Autism spectrum disorder (ASD) is a condition that affects social interaction, communication, interests and behaviour.

In children with ASD, the symptoms are present before three years of age, although a diagnosis can sometimes be made after the age of three.

It's estimated that about 1 in every 100 people in the UK has ASD. More boys are diagnosed with the condition than girls.

There's no "cure" for ASD, but speech and language therapy, occupational therapy, educational support, plus a number of other interventions are available to help children and parents.

Read about help and support available for people with ASD.

Signs and symptoms

People with ASD tend to have problems with social interaction and communication.

In early infancy, some children with ASD don’t babble or use other vocal sounds. Older children have problems using non-verbal behaviours to interact with others – for example, they have difficulty with eye contact, facial expressions, body language and gestures. They may give no or brief eye contact and ignore familiar or unfamiliar people.

Children with ASD may also lack awareness of and interest in other children. They’ll often either gravitate to older or younger children, rather than interacting with children of the same age. They tend to play alone.

They can find it hard to understand other people's emotions and feelings, and have difficulty starting conversations or taking part in them properly. Language development may be delayed, and a child with ASD won’t compensate their lack of language or delayed language skills by using gestures (body language) or facial expressions.

Children with ASD will tend to repeat words or phrases spoken by others (either immediately or later) without formulating their own language, or in parallel to developing their language skills. Some children don’t demonstrate imaginative or pretend play, while others will continually repeat the same pretend play.

Some children with ASD like to stick to the same routine and little changes may trigger tantrums. Some children may flap their hand or twist or flick their fingers when they’re excited or upset. Others may engage in repetitive activity, such as turning light switches on and off, opening and closing doors, or lining things up.

Children and young people with ASD frequently experience a range of cognitive (thinking), learning, emotional and behavioural problems. For example, they may also have attention deficit hyperactivity disorder (ADHD), anxiety, or depression.

About 70% of children with ASD have a non-verbal IQ below 70. Of these, 50% have a non-verbal IQ below 50. Overall, up to 50% of people with "severe learning difficulties" have an ASD.

Read more about the symptoms of ASD.

Getting a diagnosis

The main features of ASD – problems with social communication and interaction – can often be recognised during early childhood.

Some features of ASD may not become noticeable until a change of situation, such as when the child starts nursery or school.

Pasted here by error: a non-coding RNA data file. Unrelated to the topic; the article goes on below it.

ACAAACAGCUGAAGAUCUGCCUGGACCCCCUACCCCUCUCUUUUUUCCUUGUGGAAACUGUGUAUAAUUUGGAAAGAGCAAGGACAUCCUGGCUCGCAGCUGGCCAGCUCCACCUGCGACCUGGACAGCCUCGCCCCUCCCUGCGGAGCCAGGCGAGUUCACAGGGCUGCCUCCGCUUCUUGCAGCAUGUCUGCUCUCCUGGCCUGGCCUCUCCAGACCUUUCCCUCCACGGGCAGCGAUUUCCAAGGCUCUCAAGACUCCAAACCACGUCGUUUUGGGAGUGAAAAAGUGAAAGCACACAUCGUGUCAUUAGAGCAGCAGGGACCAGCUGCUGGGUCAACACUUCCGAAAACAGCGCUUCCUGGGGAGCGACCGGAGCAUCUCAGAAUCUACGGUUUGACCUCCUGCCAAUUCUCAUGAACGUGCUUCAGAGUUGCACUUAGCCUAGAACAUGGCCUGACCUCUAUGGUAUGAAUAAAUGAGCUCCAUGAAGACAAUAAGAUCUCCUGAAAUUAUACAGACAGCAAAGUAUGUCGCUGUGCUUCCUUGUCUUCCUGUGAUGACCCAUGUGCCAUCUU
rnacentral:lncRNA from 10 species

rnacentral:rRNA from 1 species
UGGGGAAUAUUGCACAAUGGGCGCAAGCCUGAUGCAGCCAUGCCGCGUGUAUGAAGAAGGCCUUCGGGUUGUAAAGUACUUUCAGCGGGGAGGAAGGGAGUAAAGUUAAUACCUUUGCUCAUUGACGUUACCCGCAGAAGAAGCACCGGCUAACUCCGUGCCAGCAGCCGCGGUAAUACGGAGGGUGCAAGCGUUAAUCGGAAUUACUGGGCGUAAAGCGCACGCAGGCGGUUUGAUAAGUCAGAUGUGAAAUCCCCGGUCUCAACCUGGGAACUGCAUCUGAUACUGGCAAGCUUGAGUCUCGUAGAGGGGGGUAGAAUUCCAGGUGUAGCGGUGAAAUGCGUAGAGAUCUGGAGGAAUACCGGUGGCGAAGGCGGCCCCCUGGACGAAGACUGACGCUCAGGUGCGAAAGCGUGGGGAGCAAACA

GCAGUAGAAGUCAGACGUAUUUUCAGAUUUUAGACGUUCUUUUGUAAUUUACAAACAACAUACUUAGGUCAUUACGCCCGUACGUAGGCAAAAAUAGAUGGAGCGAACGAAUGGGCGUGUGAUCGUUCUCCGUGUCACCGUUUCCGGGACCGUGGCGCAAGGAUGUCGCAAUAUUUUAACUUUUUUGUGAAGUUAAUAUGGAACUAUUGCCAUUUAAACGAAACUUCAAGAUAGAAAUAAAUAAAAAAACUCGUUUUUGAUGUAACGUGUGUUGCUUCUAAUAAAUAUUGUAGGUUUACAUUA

See your GP or health visitor if you notice any of the signs and symptoms of ASD in your child, or if you're concerned about your child's development. It can also be helpful to discuss your concerns with your child's nursery or school.

Read more about diagnosing ASD.

Caring for someone with ASD

Being a carer isn't an easy role. When you're busy responding to the needs of others, it can affect your emotional and physical energy, and make it easy to forget your own health and mental wellbeing.

If you're caring for someone else, it's important to look after yourself and get as much help as possible. It's in your best interests and those of the person you care for.

Read more about being a carer, including information on:

You can also call the Carers UK Wales helpline on 0808 808 7777.

What causes ASD?

The exact cause of ASD is unknown, but it's thought that several complex genetic and environmental factors are involved.

In the past, some people believed the MMR vaccine caused ASD, but this has been investigated extensively in a number of major studies around the world, involving millions of children, and researchers have found no evidence of a link between MMR and ASD.

Read more about the causes of ASD.

Autism in adults

Some people with ASD had features of the condition as a child, but enter adulthood without ever being diagnosed.

However, getting a diagnosis as an adult can often help a person with ASD and their families understand the condition, and work out what type of advice and support they need.

For example, a number of autism-specific services are available that provide adults with ASD with the help and support they need to live independently and find a job that matches their skills and abilities.

Read more about adults with ASD.

Since 2008, the Welsh Government has delivered an all-age All-Wales Autistic Spectrum Disorder Action Plan. This action plan has led to each local authority in Wales identifying an ASD lead for their area. Each local authority has a local ASD stakeholder group and also a local ASD Action Plan. Obviously personnel may change from time to time so for contacts with the local ASD lead for your area please contact your local authority or even charities in Wales such as Autism Cymru or the National Autistic Society. Additionally, the Welsh Government website holds over a dozen autism awareness-raising materials for families and also for a range of health, education, social care, social justice, housing and practitioner groups.